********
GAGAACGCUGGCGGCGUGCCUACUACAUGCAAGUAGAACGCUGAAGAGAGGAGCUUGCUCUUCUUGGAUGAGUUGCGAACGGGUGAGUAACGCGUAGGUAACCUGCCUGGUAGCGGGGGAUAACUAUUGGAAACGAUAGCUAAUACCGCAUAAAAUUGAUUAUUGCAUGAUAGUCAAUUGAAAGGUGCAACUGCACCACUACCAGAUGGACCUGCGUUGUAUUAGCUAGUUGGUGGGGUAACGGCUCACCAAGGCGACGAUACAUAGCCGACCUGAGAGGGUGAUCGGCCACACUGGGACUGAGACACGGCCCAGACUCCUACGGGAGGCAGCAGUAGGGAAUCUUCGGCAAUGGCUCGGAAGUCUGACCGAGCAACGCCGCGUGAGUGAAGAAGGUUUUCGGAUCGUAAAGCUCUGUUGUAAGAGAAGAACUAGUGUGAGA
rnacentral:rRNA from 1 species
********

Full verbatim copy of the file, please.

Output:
GAGAACGCUGGCGGCGUGCCUACUACAUGCAAGUAGAACGCUGAAGAGAGGAGCUUGCUCUUCUUGGAUGAGUUGCGAACGGGUGAGUAACGCGUAGGUAACCUGCCUGGUAGCGGGGGAUAACUAUUGGAAACGAUAGCUAAUACCGCAUAAAAUUGAUUAUUGCAUGAUAGUCAAUUGAAAGGUGCAACUGCACCACUACCAGAUGGACCUGCGUUGUAUUAGCUAGUUGGUGGGGUAACGGCUCACCAAGGCGACGAUACAUAGCCGACCUGAGAGGGUGAUCGGCCACACUGGGACUGAGACACGGCCCAGACUCCUACGGGAGGCAGCAGUAGGGAAUCUUCGGCAAUGGCUCGGAAGUCUGACCGAGCAACGCCGCGUGAGUGAAGAAGGUUUUCGGAUCGUAAAGCUCUGUUGUAAGAGAAGAACUAGUGUGAGA
rnacentral:rRNA from 1 species